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qualified member name lookup

Hello,

If I compile the following program with gcc, clang or comeau I get a error about ambiguity. Is this correct behavior?

struct a
{
    int foo;
};

struct a2 : virtual a
{};

struct b : a2
{};

struct c : a2
{};

struct d : b, c
{
    void f()
    {
        b::a2::foo; // OK for MSVC, ERROR for others
    }
};

(clang) error: ambiguous conversion from derived class 'd' to base class 'a2':
    struct d -> struct b -> struct a2
    struct d -> struct c -> struct a2

(gcc) error: 'a2' is an ambiguous base of 'd'

(comeau) error: base class "a2" is ambiguous

I explicitly specified that I want a2 in b. Why is there an ambiguity? I've looked in [basic.lookup.qual] and [class.member.lookup] and I haven't found anything relevant.

msvc doesn't show error about an ambiguity, but it also doesn't show errors in very simple cases (see below), so I don't take its results seriously.

struct a
{
    int x;
};

struct b : a
{};

struct c : a
{};

struct x : b, c
{
    void g()
    {
        a::x = 5; // OK for MSVC (and uses x->b->a), ERROR for others
    }
};

Thanks in advance.
0
vanyacpp (4)
8/24/2012 11:59:59 AM
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On Friday, August 24, 2012 1:59:59 PM UTC+2, vany...@gmail.com wrote:
> Hello,
> 
> 
> 
> If I compile the following program with gcc, clang or comeau 
> I get a error about ambiguity. Is this correct behavior?

IM(h)O, yes.

You inherited virtually from a, not a2. Therefore qualifying 
through a is not ambigious. Two instances of a2 exist (as 
you did not inherit virtually from it), which one (when 
qualified)? Only one instance of a exists( as you inherited
virtually from it).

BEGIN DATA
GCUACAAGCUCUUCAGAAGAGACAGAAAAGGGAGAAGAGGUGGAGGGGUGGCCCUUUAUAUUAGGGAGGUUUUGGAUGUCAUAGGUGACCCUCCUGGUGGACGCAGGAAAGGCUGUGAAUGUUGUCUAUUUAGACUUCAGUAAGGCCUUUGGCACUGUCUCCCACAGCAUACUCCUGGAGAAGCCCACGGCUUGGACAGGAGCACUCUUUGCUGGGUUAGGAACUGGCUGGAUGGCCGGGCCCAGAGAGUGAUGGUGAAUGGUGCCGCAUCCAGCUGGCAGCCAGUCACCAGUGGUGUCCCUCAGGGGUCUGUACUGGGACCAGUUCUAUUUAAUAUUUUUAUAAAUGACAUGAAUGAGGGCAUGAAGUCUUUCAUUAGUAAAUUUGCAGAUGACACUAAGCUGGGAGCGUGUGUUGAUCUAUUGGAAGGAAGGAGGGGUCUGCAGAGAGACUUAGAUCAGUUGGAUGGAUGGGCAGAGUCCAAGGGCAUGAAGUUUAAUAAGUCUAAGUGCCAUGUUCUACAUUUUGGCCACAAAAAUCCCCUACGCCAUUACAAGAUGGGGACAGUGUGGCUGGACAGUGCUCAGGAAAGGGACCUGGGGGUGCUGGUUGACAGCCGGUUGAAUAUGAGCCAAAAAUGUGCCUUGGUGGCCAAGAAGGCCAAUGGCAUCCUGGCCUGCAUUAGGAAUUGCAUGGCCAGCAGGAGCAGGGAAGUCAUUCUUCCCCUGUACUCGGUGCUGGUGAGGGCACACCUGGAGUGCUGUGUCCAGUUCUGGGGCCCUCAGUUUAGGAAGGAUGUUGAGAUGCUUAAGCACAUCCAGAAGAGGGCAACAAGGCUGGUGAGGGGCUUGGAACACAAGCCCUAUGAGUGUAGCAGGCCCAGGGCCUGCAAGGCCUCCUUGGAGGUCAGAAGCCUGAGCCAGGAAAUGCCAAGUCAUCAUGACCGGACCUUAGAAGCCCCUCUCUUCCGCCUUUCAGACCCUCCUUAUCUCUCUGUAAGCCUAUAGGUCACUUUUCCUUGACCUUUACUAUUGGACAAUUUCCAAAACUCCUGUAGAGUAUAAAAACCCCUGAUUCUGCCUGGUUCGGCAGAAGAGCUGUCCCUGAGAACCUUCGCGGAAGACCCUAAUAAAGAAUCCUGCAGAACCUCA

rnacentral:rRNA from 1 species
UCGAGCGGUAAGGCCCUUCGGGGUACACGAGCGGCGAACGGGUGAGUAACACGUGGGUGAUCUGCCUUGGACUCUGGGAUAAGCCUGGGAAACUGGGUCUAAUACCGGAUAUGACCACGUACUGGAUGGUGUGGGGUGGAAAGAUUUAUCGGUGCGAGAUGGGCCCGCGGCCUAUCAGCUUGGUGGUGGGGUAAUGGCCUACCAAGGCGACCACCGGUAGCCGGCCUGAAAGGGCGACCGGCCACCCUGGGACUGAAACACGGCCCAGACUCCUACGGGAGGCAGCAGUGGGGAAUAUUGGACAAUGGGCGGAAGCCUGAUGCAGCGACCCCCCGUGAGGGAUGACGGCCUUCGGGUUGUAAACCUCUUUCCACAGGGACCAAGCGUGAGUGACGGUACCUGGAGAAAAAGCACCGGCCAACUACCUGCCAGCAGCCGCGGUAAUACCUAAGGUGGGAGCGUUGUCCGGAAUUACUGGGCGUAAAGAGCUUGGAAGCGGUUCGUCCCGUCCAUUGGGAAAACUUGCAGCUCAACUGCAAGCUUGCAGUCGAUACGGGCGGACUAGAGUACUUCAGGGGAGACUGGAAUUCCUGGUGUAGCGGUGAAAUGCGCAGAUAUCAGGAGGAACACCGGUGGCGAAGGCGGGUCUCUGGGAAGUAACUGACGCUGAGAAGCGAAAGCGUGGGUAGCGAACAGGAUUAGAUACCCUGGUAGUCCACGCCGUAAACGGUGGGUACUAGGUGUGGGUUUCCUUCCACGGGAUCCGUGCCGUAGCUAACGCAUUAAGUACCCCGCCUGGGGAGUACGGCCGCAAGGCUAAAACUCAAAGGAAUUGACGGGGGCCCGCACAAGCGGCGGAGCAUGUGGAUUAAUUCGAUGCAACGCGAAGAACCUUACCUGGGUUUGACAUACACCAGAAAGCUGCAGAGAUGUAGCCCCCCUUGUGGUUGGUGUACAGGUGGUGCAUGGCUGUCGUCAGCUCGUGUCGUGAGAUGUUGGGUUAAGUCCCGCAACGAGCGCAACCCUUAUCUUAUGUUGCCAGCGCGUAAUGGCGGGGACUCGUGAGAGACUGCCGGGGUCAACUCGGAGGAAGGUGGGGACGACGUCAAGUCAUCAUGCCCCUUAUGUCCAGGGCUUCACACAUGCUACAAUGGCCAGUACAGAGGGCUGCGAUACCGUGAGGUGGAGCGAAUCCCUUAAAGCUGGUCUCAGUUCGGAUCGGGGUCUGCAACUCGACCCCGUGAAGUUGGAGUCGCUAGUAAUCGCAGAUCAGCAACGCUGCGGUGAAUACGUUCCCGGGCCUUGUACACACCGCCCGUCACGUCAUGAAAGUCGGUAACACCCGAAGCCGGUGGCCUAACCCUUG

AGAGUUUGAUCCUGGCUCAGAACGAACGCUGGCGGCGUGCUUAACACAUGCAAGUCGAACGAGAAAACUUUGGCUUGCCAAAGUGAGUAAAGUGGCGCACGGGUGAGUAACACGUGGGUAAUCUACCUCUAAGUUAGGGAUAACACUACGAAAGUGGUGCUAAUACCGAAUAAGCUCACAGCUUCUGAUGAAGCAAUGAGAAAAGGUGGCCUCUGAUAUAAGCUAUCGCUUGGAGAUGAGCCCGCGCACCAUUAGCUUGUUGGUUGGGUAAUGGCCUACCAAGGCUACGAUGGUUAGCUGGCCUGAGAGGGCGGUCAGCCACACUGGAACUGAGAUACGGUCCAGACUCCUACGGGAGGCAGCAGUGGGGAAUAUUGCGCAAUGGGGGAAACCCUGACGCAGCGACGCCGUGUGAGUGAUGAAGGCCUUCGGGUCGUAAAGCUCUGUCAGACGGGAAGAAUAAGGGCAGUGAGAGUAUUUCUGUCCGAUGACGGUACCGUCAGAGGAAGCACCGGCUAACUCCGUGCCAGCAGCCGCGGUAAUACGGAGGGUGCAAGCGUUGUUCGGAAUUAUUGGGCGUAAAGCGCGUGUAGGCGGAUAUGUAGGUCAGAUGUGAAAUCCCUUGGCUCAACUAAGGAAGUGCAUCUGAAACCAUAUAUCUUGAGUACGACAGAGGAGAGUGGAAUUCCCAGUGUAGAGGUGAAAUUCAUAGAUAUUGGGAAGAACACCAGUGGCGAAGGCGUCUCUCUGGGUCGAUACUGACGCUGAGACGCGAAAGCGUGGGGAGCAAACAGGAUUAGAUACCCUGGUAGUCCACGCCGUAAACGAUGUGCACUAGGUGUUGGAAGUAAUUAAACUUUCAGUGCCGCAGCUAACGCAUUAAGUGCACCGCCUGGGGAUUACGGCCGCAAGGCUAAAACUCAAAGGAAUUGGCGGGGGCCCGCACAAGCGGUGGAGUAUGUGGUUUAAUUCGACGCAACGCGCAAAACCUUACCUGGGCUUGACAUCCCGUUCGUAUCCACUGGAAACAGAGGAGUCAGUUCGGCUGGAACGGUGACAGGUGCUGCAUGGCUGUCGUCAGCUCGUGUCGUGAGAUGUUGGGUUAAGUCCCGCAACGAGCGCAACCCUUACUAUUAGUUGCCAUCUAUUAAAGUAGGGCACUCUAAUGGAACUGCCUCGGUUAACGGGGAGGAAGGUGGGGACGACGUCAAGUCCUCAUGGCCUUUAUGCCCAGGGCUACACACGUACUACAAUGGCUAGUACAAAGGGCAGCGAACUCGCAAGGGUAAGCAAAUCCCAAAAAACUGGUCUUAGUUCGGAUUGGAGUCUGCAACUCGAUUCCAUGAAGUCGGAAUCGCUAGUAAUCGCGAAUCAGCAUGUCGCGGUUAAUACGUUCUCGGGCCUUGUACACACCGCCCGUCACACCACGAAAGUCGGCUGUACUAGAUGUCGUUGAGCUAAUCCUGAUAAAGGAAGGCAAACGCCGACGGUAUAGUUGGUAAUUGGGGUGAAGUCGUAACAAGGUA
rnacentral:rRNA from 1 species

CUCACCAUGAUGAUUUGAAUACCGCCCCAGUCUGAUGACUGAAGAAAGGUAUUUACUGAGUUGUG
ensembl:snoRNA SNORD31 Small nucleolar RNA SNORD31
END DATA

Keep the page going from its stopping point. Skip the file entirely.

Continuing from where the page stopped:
This works fine:

struct a
{
  int foo;
};

struct a2 : virtual a
{};

struct b : a2
{};

struct c : a2
{};

struct d : b, c
{
    void f()
    {
      a::foo;
    }
};

Kind regards,

Werner
0
werasm (308)
9/5/2012 11:17:21 AM
On 2012-08-24 06:59, vanyacpp@gmail.com wrote:
> struct a
> {
>      int foo;
> };
>
> struct a2 : virtual a
> {};
>
> struct b : a2
> {};
>
> struct c : a2
> {};
>
> struct d : b, c
> {
>      void f()
>      {
>          b::a2::foo; // OK for MSVC, ERROR for others
>      }
> };
>
> (clang) error: ambiguous conversion from derived class 'd' to base class 'a2':
>      struct d -> struct b -> struct a2
>      struct d -> struct c -> struct a2
>
> (gcc) error: 'a2' is an ambiguous base of 'd'
>
> (comeau) error: base class "a2" is ambiguous

Effectively, the compiler treats that expression as

   static_cast<b::a2&>(*this).foo"

instead of

   static_cast<a2&>(static_cast<b&>(*this)).foo

which you seem to expect.

The expression is class member access (5.2.5) equivalent to 
(*this).b::a2::foo. According to the note in 5.2.5/2: "The program is 
also ill-formed if the naming class is an ambiguous base of the class 
type of the object expression; see 11.2." The naming class in this case 
- a2 - is an ambiguous base of the object expression, *this with type d. 
To be as clear as possible: the ambiguity doesn't occur in the name 
lookup, but in the conversion of *this.

You can remove the ambiguous conversion of *this in this case by simply 
referring to the member as "foo" or "a::foo" since a is a virtual base. 
If a was NOT virtual, you could use the names "b::foo" and "c::foo" 
since the conversions from d to b and d to c are unambiguous and the 
name "foo" would still be unique in the scope of b and c.

0
9/5/2012 7:55:10 PM
On Sep 5, 11:55=A0pm, Casey Carter
<casey_at_carter_dot_...@nospam.invalid> wrote:

> Effectively, the compiler treats that expression as
>
> =A0 =A0static_cast<b::a2&>(*this).foo"
>
> instead of
>
> =A0 =A0static_cast<a2&>(static_cast<b&>(*this)).foo
>
> which you seem to expect.
>
> To be as clear as possible: the ambiguity doesn't occur in the name
> lookup, but in the conversion of *this.

This is what I inferred from experiment with clang.

Thank you very much.
0
vanyacpp (4)
9/18/2012 7:05:40 AM
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